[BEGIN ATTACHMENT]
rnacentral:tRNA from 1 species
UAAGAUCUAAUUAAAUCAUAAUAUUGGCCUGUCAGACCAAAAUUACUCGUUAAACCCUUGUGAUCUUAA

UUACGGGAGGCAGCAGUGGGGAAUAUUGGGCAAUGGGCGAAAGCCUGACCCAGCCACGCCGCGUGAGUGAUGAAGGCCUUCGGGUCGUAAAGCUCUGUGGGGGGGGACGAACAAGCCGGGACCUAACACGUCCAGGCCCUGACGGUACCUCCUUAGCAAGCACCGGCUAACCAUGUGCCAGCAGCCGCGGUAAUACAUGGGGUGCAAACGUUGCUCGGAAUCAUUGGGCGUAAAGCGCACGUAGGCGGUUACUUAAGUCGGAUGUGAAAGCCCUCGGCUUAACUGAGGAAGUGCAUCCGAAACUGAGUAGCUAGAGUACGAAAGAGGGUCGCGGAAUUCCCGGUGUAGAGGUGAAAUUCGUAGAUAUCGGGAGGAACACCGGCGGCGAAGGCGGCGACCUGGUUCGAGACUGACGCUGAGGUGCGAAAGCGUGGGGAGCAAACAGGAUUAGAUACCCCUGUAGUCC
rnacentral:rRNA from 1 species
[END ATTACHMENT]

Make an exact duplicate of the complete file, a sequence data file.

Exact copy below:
rnacentral:tRNA from 1 species
UAAGAUCUAAUUAAAUCAUAAUAUUGGCCUGUCAGACCAAAAUUACUCGUUAAACCCUUGUGAUCUUAA

UUACGGGAGGCAGCAGUGGGGAAUAUUGGGCAAUGGGCGAAAGCCUGACCCAGCCACGCCGCGUGAGUGAUGAAGGCCUUCGGGUCGUAAAGCUCUGUGGGGGGGGACGAACAAGCCGGGACCUAACACGUCCAGGCCCUGACGGUACCUCCUUAGCAAGCACCGGCUAACCAUGUGCCAGCAGCCGCGGUAAUACAUGGGGUGCAAACGUUGCUCGGAAUCAUUGGGCGUAAAGCGCACGUAGGCGGUUACUUAAGUCGGAUGUGAAAGCCCUCGGCUUAACUGAGGAAGUGCAUCCGAAACUGAGUAGCUAGAGUACGAAAGAGGGUCGCGGAAUUCCCGGUGUAGAGGUGAAAUUCGUAGAUAUCGGGAGGAACACCGGCGGCGAAGGCGGCGACCUGGUUCGAGACUGACGCUGAGGUGCGAAAGCGUGGGGAGCAAACAGGAUUAGAUACCCCUGUAGUCC
rnacentral:rRNA from 1 species